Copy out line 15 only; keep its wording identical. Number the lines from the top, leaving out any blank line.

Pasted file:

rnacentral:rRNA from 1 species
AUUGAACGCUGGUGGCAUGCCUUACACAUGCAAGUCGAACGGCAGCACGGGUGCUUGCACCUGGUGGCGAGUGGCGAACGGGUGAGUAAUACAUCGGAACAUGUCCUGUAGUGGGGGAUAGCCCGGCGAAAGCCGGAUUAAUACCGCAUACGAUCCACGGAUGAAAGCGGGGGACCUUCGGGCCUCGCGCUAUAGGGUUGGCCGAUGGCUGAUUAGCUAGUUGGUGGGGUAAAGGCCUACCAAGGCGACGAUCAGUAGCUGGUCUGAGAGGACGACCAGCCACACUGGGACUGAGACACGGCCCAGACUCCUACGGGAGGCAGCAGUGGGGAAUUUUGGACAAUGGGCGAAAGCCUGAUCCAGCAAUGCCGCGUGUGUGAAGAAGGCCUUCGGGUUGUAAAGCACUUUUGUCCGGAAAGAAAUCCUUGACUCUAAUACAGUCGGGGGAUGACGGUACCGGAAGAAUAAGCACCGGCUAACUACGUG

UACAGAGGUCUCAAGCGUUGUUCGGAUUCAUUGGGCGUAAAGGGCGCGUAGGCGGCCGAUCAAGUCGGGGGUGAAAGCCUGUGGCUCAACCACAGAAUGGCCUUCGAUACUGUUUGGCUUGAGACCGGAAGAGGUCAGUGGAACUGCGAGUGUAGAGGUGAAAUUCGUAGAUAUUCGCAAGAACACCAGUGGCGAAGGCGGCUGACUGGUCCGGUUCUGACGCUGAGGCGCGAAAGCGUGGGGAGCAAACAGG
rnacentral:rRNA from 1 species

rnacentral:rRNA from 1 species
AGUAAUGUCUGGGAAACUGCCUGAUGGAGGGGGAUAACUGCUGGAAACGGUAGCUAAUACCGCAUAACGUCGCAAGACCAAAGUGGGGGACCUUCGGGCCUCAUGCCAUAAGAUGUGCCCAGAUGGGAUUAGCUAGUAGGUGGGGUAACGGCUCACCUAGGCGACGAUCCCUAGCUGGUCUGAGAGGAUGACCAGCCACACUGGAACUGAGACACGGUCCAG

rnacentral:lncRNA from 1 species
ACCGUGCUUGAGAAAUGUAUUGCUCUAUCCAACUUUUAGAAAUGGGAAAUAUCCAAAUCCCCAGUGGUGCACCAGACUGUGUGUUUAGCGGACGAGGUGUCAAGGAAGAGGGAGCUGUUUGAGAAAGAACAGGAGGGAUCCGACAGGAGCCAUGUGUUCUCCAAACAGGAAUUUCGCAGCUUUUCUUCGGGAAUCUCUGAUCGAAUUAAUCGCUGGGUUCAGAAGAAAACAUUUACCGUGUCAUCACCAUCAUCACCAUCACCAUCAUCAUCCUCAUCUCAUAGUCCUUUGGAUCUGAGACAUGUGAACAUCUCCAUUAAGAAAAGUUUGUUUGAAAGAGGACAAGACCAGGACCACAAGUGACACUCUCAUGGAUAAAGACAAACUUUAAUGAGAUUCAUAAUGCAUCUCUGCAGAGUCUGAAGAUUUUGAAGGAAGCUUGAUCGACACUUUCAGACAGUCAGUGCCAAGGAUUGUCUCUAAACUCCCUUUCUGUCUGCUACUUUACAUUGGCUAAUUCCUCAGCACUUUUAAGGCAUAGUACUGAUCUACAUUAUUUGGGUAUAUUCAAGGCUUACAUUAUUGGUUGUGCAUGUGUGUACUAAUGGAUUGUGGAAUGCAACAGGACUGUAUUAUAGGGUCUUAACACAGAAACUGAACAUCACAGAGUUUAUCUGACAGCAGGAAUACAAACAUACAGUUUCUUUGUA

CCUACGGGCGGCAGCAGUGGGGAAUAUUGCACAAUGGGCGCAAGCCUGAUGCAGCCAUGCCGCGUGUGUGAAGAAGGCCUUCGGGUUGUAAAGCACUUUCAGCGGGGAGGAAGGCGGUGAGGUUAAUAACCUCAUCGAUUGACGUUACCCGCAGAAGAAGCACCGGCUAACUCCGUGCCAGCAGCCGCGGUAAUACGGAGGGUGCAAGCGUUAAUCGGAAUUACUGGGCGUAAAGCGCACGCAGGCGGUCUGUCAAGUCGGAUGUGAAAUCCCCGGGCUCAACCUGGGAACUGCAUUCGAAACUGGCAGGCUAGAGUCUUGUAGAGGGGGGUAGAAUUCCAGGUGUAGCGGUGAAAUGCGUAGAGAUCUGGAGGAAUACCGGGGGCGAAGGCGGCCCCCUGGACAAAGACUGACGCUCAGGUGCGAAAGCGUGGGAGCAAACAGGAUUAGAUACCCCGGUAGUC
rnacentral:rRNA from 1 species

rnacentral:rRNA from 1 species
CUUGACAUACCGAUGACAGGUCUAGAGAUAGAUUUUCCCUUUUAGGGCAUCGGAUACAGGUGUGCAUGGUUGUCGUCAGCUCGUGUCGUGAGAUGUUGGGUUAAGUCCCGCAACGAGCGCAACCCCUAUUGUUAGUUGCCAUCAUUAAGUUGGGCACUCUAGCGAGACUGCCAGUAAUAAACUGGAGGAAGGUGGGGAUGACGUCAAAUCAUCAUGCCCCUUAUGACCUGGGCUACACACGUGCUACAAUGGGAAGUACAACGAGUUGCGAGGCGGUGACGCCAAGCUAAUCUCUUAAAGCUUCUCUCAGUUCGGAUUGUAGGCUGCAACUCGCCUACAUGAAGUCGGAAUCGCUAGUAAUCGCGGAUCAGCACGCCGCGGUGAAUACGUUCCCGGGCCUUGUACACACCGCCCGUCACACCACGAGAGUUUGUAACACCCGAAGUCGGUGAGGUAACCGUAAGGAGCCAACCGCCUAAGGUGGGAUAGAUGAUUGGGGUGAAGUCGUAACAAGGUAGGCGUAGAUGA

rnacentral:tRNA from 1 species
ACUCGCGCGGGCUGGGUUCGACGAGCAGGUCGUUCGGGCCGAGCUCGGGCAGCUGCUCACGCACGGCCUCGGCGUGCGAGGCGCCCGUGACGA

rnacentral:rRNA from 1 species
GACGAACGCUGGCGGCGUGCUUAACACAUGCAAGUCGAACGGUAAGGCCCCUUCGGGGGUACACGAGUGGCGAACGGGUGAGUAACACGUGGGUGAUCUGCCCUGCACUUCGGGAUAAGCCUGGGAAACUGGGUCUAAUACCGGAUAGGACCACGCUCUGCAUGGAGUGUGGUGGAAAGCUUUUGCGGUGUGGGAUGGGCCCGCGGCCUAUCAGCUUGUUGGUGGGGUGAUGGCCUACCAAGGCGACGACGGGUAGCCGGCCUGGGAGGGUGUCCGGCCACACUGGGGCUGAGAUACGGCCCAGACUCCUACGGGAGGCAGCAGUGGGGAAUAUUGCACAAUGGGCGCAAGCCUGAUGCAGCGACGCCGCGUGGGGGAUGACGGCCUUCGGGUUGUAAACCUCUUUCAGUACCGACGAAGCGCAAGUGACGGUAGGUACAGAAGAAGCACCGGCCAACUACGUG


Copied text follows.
rnacentral:rRNA from 1 species